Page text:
Battersea Evolution
7 September 2015
Lot 112

1948 Fiat 1100S MM Special

The Fendt Collection


£137,200 GBP | Sold

United Kingdom | London, United Kingdom



Chassis No.
1100S 500177
Engine No.
1100S 500142
German Fahrzeugbrief
  • Offered from the Fendt Collection
  • Original coupé rebodied as a barchetta in 1950s
  • Believed to be a Stanguellini modification
  • Participant at the 2014 Mille Miglia Storica

51 bhp, 1,089 cc OHV inline four-cylinder engine, four-speed manual transmission, coil-spring independent front suspension, live rear axle with semi-elliptical leaf springs, and four-wheel hydraulic drum brakes. Wheelbase: 2,350 mm

The 1100S was Fiat’s first post-war sports car, but it had a strong lineage with the pre-war 1100 “Nuova Balilla”, which appeared in 1937 and begat the Mille Miglia-winning 508 C MM of 1938. Despite retrograde styling, the 1100 was described by author L.J.K. Setright as “the only people’s car that was also a driver’s car”. The 1100S Mille Miglia was based on the light and rigid X-member frame of the 1100B saloon, with the aerodynamic body being developed by Fiat’s Carrozzerie Speciale department, which was directed by Giuseppe Cogno. Wind-tunnel testing allowed the 1100S MM to reach speeds of 150 km/h, and 1100S MMs took 5th through 9th places at the 1947 Mille Miglia, followed by 2nd, 3rd, and 4th place finishes in 1948.

This matching-numbers car was completed on 18 November 1948 as a berlina, according to Fiat Archivo Storico, and was delivered to Fiat’s Milan dealer. According to the present owner, when their application was submitted for participation in the Mille Miglia Storica, it was discovered that this car’s very chassis number was a period entrant in that legendary race. The tube-framed barchetta body was fitted sometime later, possibly in the 1950s. Interestingly, the body was at one time attributed to Carrozzeria Colli, of Milan, but more recent research leans towards Stanguellini, the Modena builder of small Fiat-based sports cars. Stanguellini and Colli worked together during this period, but the lack of an official Stanguellini register leaves some uncertainties. Regardless, Fiat did not deliver bare chassis to outside coachbuilders, so all 1100S cars with special bodies started life as berlinas.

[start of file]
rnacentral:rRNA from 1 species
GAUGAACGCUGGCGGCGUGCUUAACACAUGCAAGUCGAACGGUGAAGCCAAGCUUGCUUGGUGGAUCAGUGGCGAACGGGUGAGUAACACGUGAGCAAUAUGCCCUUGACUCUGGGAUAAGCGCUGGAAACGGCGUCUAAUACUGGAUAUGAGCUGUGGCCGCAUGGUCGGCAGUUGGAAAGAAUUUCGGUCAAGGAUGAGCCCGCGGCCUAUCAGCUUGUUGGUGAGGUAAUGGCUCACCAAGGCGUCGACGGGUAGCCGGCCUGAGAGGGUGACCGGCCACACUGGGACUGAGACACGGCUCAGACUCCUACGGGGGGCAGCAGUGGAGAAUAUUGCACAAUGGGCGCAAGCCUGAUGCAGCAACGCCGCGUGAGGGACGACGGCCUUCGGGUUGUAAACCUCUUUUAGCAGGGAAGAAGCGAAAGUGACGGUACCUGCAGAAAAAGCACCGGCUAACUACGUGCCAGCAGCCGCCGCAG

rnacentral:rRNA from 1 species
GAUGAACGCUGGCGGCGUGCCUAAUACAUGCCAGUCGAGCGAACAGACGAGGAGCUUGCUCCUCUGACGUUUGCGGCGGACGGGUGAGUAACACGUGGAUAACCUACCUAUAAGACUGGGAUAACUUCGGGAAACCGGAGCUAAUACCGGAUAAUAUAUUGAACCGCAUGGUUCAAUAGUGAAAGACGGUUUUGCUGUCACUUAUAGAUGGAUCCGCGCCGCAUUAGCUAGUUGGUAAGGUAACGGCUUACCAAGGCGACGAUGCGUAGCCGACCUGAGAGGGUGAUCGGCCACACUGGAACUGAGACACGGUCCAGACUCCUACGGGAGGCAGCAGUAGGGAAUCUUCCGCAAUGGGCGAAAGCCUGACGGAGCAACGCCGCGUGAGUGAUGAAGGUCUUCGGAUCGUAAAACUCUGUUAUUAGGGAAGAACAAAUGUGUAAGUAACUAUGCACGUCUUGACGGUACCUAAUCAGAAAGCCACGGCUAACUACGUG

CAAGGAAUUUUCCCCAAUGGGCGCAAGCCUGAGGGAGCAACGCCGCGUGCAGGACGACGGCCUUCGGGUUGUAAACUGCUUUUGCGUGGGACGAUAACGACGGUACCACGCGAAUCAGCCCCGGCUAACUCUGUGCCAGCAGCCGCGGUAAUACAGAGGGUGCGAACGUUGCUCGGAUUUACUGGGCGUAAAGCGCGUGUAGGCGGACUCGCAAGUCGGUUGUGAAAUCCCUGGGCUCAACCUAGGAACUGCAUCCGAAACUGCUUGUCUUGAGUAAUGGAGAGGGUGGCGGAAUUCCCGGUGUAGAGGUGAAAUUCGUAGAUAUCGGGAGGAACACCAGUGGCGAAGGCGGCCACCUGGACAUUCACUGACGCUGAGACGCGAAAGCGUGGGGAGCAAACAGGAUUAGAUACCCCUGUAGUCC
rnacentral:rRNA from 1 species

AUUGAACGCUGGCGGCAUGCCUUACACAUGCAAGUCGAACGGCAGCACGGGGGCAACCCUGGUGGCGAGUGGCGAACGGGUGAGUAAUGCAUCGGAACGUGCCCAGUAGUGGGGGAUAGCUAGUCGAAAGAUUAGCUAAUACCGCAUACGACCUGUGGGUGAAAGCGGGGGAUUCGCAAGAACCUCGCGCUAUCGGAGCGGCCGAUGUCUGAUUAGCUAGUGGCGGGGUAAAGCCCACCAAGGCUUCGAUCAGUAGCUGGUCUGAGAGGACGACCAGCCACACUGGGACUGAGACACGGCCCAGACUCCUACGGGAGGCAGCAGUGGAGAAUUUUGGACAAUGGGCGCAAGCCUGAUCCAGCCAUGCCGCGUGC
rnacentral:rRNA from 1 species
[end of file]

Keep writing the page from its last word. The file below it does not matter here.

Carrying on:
Ultimately, the car was discovered in a Frankfurt scrap yard in the 1960s by a car dealer, who ended up keeping it in storage until 1994. It was last registered in 1961 in Frankfurt, where it was acquired by collector Claus-Jürgen Lorenz, of Mainz, and it was subsequently attained by the Fendt Collection in 2007. During this ownership, the car was still in barn-find and disassembled condition, so it was entrusted to Kupka Karosseriebau in Hebertshausen, known for also building special prototypes for German manufacturers, who performed the transformation to its present state. The engine and chassis were overhauled by Delio Galassi, of Savignano Sul Rubicone, Italy, who is renowned for rebuilding Fiat 1100 MMS engines. The car was then finished and detailed by Leo Aumueller, an Abarth and Fiat specialist in Germany. It was displayed at the Schloss Dyck Concours d’Elegance in 2013 and also participated in the Mille Miglia Storica in 2014.

This example is still fitted with its original features, and it still retains its original Fiat 1100 engine, which is fed by the very rare and correct bronze Weber carburettor, amongst other hallmarks of its authenticity. Only the seats are of a more modern style, as they have been installed for added comfort on historic rallies. The car is accompanied by a FIVA Identity Card, category A/3, documenting its eligibility for sanctioned events.

This exciting little barchetta typifies the Italian artisan approach to motorsport in the early post-war era. It has a fascinating early history and is well sorted for many more future events.